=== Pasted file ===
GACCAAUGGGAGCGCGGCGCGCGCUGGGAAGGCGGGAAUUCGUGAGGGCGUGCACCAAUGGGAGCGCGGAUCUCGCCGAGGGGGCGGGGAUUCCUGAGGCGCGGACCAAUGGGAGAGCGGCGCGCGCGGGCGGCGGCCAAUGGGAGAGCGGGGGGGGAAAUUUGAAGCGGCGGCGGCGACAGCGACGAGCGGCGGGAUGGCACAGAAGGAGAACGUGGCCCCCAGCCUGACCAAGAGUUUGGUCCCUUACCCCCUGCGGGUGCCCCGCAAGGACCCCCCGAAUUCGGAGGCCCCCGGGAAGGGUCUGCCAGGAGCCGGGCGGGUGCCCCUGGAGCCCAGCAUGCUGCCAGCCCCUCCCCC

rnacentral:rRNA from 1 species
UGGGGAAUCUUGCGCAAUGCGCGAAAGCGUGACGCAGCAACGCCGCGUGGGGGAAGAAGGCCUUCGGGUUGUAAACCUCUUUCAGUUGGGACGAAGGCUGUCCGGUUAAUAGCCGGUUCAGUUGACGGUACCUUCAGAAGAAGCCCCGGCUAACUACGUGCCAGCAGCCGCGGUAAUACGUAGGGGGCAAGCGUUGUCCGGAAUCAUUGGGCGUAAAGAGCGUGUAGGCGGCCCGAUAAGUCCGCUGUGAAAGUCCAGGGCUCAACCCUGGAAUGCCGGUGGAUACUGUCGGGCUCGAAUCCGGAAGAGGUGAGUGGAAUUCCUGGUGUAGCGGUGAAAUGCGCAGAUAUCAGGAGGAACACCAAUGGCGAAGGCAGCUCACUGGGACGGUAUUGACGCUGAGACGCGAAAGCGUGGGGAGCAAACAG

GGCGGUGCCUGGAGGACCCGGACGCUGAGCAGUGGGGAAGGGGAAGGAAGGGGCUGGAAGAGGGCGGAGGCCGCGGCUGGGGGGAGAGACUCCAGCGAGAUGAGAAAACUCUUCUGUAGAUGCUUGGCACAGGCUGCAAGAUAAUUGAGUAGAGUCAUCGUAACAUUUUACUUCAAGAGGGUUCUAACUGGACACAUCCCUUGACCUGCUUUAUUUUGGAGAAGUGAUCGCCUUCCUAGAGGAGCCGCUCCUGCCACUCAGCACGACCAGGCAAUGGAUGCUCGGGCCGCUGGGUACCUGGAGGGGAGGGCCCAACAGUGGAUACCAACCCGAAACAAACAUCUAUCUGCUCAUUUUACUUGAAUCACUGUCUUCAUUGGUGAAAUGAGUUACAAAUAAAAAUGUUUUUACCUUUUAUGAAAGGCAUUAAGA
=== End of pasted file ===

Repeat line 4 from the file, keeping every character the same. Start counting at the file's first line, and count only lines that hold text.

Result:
GGCGGUGCCUGGAGGACCCGGACGCUGAGCAGUGGGGAAGGGGAAGGAAGGGGCUGGAAGAGGGCGGAGGCCGCGGCUGGGGGGAGAGACUCCAGCGAGAUGAGAAAACUCUUCUGUAGAUGCUUGGCACAGGCUGCAAGAUAAUUGAGUAGAGUCAUCGUAACAUUUUACUUCAAGAGGGUUCUAACUGGACACAUCCCUUGACCUGCUUUAUUUUGGAGAAGUGAUCGCCUUCCUAGAGGAGCCGCUCCUGCCACUCAGCACGACCAGGCAAUGGAUGCUCGGGCCGCUGGGUACCUGGAGGGGAGGGCCCAACAGUGGAUACCAACCCGAAACAAACAUCUAUCUGCUCAUUUUACUUGAAUCACUGUCUUCAUUGGUGAAAUGAGUUACAAAUAAAAAUGUUUUUACCUUUUAUGAAAGGCAUUAAGA